While doing some work in a stall at Lane's End Farm, the new groom thought he heard a deep rumble coming from a nearby stall. After the third occurrence, he stuck his head out, looked up and down the broad aisle.
A fellow stallion groom was sweeping an errant piece of straw back into a stall, and the new guy asked, “Did you hear anything?”
“Like that,” as another rumble came down their way.
“Oh, he's just reading the race results from the weekend,” said the experienced groom.
“Who's reading, and what's so funny?”
“The big horse is having a good time with his reading material this morning…”
“What you mean reading. Horses don't read.”
The experienced groom sighed, “That's A.P. Indy down there, and if he takes a notion to fly, you better start wearing a muck bucket on your head.”
What's more, A.P. Indy had plenty to chuckle about after this weekend's racing.
On Nov. 28 at Aqueduct, A.P. Indy's grandson Tapit solidified his lead as the top sire in the country with the victories of Tonalist (Belmont Stakes, Jockey Club Gold Cup) in the Grade 1 Cigar Mile and of the unbeaten Mohaymen (Nashua Stakes) in the G2 Remsen. Then in Florida, Tapit's juvenile son Rafting won the Smooth Air Stakes at Gulfstream West (nee Calder).
A.P. Indy grandson Sky Mesa sired a first-time stakes winner, the 2-year-old Family Meeting, in the G3 Jimmy Durante Stakes at Del Mar.
Sons Malibu Moon, Bernardini, and Mineshaft also had graded stakes winners. At Churchill Downs on the 28th, Malibu Moon's daughter Carina Mia was a four and a quarter length winner of the G2 Golden Rod. The same afternoon at Aqueduct, Bernardini's daughter Lewis Bay came home a winner in the G2 Demoiselle Stakes. Those victories were the initial stakes and graded stakes successes for those promising young athletes.
Not so with Mineshaft's contribution to the roll of success for the A.P. Indy crowd. Established performer Effinex won the G1 Clark Handicap at Churchill Downs on the Friday after Thanksgiving, and he defeated last year's winner of the Clark, Hoppertunity, by three-quarters of a length.
And finally (small drum roll here, please), A.P. Indy himself sired the winner of the G2 Hawthorne Gold Cup on Saturday.
That 4-year-old colt is named Commissioner, and he is perhaps best remembered for a heroic front-running effort in the 2014 Belmont Stakes, going down in the shadow of the wire to Tonalist. A notably good prospect as he progressed toward the classics last season, Commissioner went out a good winner and will enter stud next season at WinStar Farm for $7,500 live foal.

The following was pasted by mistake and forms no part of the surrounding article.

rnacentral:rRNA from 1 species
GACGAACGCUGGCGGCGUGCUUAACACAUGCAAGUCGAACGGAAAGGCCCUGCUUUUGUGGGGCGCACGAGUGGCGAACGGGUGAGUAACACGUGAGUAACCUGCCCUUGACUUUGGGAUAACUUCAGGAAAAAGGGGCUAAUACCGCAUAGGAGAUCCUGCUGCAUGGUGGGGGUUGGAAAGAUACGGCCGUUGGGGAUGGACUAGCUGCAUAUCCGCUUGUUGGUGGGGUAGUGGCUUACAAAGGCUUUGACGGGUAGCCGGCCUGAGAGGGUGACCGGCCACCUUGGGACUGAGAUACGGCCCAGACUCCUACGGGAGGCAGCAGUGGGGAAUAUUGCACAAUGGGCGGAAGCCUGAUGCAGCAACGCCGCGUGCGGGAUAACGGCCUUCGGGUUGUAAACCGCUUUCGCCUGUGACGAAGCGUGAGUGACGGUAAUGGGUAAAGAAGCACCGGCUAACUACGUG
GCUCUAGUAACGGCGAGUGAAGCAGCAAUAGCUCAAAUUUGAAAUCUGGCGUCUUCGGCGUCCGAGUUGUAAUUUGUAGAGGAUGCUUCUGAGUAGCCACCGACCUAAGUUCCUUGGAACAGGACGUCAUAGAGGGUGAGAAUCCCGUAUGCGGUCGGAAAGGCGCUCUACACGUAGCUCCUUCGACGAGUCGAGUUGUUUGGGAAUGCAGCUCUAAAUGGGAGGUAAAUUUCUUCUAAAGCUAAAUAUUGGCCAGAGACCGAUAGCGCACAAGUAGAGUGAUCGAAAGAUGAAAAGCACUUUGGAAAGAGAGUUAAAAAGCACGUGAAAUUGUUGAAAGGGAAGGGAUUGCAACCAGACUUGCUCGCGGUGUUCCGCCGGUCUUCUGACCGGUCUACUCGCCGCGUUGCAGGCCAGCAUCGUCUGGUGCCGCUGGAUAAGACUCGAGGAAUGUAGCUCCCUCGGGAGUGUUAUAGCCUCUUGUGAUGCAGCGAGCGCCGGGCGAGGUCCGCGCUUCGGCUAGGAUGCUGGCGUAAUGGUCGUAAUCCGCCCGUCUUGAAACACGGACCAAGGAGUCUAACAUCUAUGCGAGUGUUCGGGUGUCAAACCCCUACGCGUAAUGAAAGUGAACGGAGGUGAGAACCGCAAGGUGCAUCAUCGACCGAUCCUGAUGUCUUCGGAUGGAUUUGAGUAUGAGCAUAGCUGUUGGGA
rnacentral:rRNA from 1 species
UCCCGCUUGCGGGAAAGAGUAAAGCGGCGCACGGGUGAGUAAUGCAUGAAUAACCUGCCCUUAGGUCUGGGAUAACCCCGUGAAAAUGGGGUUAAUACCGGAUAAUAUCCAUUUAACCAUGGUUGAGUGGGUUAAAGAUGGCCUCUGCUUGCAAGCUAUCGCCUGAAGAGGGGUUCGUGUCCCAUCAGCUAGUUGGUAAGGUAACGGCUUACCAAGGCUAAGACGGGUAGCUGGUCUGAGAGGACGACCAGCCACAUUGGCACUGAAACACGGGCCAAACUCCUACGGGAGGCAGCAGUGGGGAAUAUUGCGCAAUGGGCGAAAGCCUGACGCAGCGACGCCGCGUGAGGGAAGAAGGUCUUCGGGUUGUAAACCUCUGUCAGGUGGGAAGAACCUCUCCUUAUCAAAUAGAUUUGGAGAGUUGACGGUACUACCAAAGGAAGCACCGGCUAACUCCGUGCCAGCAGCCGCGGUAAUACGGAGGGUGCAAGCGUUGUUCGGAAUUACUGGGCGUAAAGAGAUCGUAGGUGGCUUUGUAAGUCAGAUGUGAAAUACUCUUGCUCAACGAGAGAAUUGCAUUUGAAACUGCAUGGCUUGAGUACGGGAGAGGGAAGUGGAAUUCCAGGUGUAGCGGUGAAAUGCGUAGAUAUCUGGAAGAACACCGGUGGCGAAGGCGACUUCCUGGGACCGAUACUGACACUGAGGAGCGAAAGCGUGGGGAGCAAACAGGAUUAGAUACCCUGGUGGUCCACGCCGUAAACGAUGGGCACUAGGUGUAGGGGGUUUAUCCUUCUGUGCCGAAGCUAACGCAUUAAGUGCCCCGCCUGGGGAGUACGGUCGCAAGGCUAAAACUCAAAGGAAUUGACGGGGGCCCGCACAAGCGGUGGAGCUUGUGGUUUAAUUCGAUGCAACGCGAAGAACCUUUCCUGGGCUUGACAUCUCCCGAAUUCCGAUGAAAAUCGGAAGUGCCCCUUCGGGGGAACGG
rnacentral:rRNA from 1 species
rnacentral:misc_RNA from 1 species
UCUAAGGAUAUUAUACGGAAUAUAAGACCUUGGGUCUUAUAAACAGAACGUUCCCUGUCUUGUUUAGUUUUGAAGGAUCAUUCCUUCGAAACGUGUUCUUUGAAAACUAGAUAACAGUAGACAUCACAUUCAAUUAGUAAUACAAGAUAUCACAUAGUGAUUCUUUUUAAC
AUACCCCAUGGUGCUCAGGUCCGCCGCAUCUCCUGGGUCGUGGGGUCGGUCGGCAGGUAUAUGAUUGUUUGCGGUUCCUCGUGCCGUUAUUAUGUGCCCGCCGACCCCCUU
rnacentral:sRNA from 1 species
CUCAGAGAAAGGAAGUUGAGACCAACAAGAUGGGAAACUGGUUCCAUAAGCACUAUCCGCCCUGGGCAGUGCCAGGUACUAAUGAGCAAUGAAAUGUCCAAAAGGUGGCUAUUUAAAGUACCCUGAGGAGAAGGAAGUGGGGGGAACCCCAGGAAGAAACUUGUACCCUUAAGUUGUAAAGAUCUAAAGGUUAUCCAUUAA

Commissioner is one of two colts from A.P. Indy's last crop who will enter stud in 2016. The more heralded of the pair is Honor Code, a striking near-black animal who won the Metropolitan Handicap and Whitney Stakes this season. A colt who has drawn plenty of attention since the start of his racing career, Honor Code will enter stud alongside his greatly honored and pensioned sire at Lane's End. That farm also stands Horse of the Year Mineshaft.
Spendthrift has Malibu Moon; Darley has Bernardini; Three Chimneys has Sky Mesa; and Gainesway has Tapit. So these and other important sons and grandsons are well-dispersed among the leading stallion farms in the Bluegrass.
Commissioner makes three sons of A.P. Indy for WinStar, which also stands leading freshman sire Congrats and G1 Florida Derby winner Take Charge Indy. The latter will have his first yearlings in 2016 and has bred 296 mares in his first two seasons at stud.
The popularity of Congrats and Take Charge Indy with breeders should have a positive effect on Commissioner, who comes from a female family known for quickness and good looks.
The colt's first three dams are all stakes winners, and Commissioner's dam, the Touch Gold mare Flaming Heart, has produced two stakes winners. Commissioner earned nearly $1 million, and his stakes-winning half-brother Laugh Track (by Distorted Humor), earned $598,014 and finished second in the Breeders' Cup Sprint.
This family contributes its share of quality and strong physical appeal, and Commissioner shows their influence, plus the trademark A.P. Indy look: great length of rein, deep shoulder, width and length through the body, plus a good hip. The A.P. Indys tend to look like classic horses, with plenty of leg, and the best of them have plenty of speed to go with their stamina.
A.P. Indy and his sire, Triple Crown winner Seattle Slew, pulled the Bold Ruler – Nasrullah line back to the peak of importance as a source of classic prospects, and the classic influence of these horses is a tale with stories just waiting to unfold.
Frank Mitchell is author of Racehorse Breeding Theories, as well as the book Great Breeders and Their Methods: The Hancocks. In addition to writing the column “Sires and Dams” in Daily Racing Form for nearly 15 years, he has contributed articles to Thoroughbred Daily News, Thoroughbred Times, Thoroughbred Record, International Thoroughbred, and other major publications. In addition, Frank is chief of biomechanics for DataTrack International and is a hands-on caretaker of his own broodmares and foals in central Kentucky. Check out Frank's lively Bloodstock in the Bluegrass blog.
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